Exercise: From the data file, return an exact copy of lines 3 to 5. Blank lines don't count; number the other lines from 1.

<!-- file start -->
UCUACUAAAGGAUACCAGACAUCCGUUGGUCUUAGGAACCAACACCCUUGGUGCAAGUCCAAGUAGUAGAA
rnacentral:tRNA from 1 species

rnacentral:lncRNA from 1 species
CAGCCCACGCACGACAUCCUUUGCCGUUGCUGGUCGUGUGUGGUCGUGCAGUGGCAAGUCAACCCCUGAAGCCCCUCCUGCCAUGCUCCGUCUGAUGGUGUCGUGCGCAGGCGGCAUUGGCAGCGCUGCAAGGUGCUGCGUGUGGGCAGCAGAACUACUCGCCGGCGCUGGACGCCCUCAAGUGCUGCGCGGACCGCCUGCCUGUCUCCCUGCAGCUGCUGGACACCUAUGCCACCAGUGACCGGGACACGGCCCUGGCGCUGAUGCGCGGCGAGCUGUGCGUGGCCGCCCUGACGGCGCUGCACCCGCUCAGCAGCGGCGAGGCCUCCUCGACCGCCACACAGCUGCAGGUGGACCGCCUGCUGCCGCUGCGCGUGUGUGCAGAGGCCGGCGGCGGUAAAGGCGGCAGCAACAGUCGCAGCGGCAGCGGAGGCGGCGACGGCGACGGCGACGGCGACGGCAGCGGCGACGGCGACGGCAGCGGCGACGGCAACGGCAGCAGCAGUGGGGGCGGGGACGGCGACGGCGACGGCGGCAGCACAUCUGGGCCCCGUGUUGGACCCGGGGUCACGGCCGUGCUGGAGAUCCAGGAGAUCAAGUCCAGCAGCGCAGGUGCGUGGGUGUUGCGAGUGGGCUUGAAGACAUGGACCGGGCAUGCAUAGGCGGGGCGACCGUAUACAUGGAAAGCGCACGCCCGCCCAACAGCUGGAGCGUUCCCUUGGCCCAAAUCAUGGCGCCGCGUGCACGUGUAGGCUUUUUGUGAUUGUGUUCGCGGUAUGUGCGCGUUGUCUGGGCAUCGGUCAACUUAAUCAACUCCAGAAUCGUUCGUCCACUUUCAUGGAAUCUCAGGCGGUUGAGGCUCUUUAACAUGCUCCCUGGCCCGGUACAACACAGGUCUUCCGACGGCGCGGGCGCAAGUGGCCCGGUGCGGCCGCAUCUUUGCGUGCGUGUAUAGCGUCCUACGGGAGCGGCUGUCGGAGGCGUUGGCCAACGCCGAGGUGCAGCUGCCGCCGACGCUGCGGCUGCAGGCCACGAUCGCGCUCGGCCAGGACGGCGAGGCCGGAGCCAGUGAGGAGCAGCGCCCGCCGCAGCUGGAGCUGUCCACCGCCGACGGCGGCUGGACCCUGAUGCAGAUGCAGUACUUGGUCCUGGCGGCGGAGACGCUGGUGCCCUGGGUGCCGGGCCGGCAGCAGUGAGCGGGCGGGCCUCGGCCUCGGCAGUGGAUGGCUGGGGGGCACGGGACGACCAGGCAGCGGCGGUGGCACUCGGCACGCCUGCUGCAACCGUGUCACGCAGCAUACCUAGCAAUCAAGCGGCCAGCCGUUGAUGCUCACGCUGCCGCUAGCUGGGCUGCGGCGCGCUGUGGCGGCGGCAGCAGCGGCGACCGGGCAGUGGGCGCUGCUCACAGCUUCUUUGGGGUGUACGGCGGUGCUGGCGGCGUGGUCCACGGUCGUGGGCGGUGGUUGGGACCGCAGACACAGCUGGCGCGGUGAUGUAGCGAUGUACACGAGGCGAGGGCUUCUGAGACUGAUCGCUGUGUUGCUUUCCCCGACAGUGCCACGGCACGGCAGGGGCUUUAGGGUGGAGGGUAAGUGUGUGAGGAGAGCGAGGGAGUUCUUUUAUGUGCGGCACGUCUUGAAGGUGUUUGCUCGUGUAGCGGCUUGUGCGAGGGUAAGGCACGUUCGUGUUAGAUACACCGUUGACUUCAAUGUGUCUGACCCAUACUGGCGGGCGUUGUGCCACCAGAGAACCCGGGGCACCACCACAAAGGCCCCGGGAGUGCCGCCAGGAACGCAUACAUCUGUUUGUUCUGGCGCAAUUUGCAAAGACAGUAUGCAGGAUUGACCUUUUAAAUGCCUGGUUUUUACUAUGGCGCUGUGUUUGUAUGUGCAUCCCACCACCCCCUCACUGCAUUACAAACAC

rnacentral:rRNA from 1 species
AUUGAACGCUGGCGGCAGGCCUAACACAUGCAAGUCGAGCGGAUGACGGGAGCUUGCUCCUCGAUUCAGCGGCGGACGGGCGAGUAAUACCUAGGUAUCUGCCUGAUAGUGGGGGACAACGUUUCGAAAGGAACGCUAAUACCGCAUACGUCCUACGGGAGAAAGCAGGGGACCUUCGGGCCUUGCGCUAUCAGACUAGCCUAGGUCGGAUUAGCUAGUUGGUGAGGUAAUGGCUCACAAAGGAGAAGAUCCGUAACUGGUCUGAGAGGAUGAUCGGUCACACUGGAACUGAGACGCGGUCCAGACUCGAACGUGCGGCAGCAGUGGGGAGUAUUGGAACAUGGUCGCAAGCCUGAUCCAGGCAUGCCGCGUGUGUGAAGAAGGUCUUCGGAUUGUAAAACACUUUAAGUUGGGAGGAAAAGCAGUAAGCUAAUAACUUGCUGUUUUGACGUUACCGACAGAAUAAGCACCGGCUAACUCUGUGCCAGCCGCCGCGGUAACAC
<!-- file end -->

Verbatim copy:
rnacentral:lncRNA from 1 species
CAGCCCACGCACGACAUCCUUUGCCGUUGCUGGUCGUGUGUGGUCGUGCAGUGGCAAGUCAACCCCUGAAGCCCCUCCUGCCAUGCUCCGUCUGAUGGUGUCGUGCGCAGGCGGCAUUGGCAGCGCUGCAAGGUGCUGCGUGUGGGCAGCAGAACUACUCGCCGGCGCUGGACGCCCUCAAGUGCUGCGCGGACCGCCUGCCUGUCUCCCUGCAGCUGCUGGACACCUAUGCCACCAGUGACCGGGACACGGCCCUGGCGCUGAUGCGCGGCGAGCUGUGCGUGGCCGCCCUGACGGCGCUGCACCCGCUCAGCAGCGGCGAGGCCUCCUCGACCGCCACACAGCUGCAGGUGGACCGCCUGCUGCCGCUGCGCGUGUGUGCAGAGGCCGGCGGCGGUAAAGGCGGCAGCAACAGUCGCAGCGGCAGCGGAGGCGGCGACGGCGACGGCGACGGCGACGGCAGCGGCGACGGCGACGGCAGCGGCGACGGCAACGGCAGCAGCAGUGGGGGCGGGGACGGCGACGGCGACGGCGGCAGCACAUCUGGGCCCCGUGUUGGACCCGGGGUCACGGCCGUGCUGGAGAUCCAGGAGAUCAAGUCCAGCAGCGCAGGUGCGUGGGUGUUGCGAGUGGGCUUGAAGACAUGGACCGGGCAUGCAUAGGCGGGGCGACCGUAUACAUGGAAAGCGCACGCCCGCCCAACAGCUGGAGCGUUCCCUUGGCCCAAAUCAUGGCGCCGCGUGCACGUGUAGGCUUUUUGUGAUUGUGUUCGCGGUAUGUGCGCGUUGUCUGGGCAUCGGUCAACUUAAUCAACUCCAGAAUCGUUCGUCCACUUUCAUGGAAUCUCAGGCGGUUGAGGCUCUUUAACAUGCUCCCUGGCCCGGUACAACACAGGUCUUCCGACGGCGCGGGCGCAAGUGGCCCGGUGCGGCCGCAUCUUUGCGUGCGUGUAUAGCGUCCUACGGGAGCGGCUGUCGGAGGCGUUGGCCAACGCCGAGGUGCAGCUGCCGCCGACGCUGCGGCUGCAGGCCACGAUCGCGCUCGGCCAGGACGGCGAGGCCGGAGCCAGUGAGGAGCAGCGCCCGCCGCAGCUGGAGCUGUCCACCGCCGACGGCGGCUGGACCCUGAUGCAGAUGCAGUACUUGGUCCUGGCGGCGGAGACGCUGGUGCCCUGGGUGCCGGGCCGGCAGCAGUGAGCGGGCGGGCCUCGGCCUCGGCAGUGGAUGGCUGGGGGGCACGGGACGACCAGGCAGCGGCGGUGGCACUCGGCACGCCUGCUGCAACCGUGUCACGCAGCAUACCUAGCAAUCAAGCGGCCAGCCGUUGAUGCUCACGCUGCCGCUAGCUGGGCUGCGGCGCGCUGUGGCGGCGGCAGCAGCGGCGACCGGGCAGUGGGCGCUGCUCACAGCUUCUUUGGGGUGUACGGCGGUGCUGGCGGCGUGGUCCACGGUCGUGGGCGGUGGUUGGGACCGCAGACACAGCUGGCGCGGUGAUGUAGCGAUGUACACGAGGCGAGGGCUUCUGAGACUGAUCGCUGUGUUGCUUUCCCCGACAGUGCCACGGCACGGCAGGGGCUUUAGGGUGGAGGGUAAGUGUGUGAGGAGAGCGAGGGAGUUCUUUUAUGUGCGGCACGUCUUGAAGGUGUUUGCUCGUGUAGCGGCUUGUGCGAGGGUAAGGCACGUUCGUGUUAGAUACACCGUUGACUUCAAUGUGUCUGACCCAUACUGGCGGGCGUUGUGCCACCAGAGAACCCGGGGCACCACCACAAAGGCCCCGGGAGUGCCGCCAGGAACGCAUACAUCUGUUUGUUCUGGCGCAAUUUGCAAAGACAGUAUGCAGGAUUGACCUUUUAAAUGCCUGGUUUUUACUAUGGCGCUGUGUUUGUAUGUGCAUCCCACCACCCCCUCACUGCAUUACAAACAC

rnacentral:rRNA from 1 species